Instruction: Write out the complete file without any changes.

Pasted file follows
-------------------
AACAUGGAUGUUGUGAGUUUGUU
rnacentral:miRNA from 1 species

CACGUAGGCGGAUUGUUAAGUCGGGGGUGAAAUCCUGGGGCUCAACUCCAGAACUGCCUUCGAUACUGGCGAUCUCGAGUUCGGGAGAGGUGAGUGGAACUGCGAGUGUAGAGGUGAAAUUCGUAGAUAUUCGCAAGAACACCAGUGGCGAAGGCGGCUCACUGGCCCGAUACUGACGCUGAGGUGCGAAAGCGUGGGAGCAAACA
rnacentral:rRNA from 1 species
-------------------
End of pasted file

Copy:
AACAUGGAUGUUGUGAGUUUGUU
rnacentral:miRNA from 1 species

CACGUAGGCGGAUUGUUAAGUCGGGGGUGAAAUCCUGGGGCUCAACUCCAGAACUGCCUUCGAUACUGGCGAUCUCGAGUUCGGGAGAGGUGAGUGGAACUGCGAGUGUAGAGGUGAAAUUCGUAGAUAUUCGCAAGAACACCAGUGGCGAAGGCGGCUCACUGGCCCGAUACUGACGCUGAGGUGCGAAAGCGUGGGAGCAAACA
rnacentral:rRNA from 1 species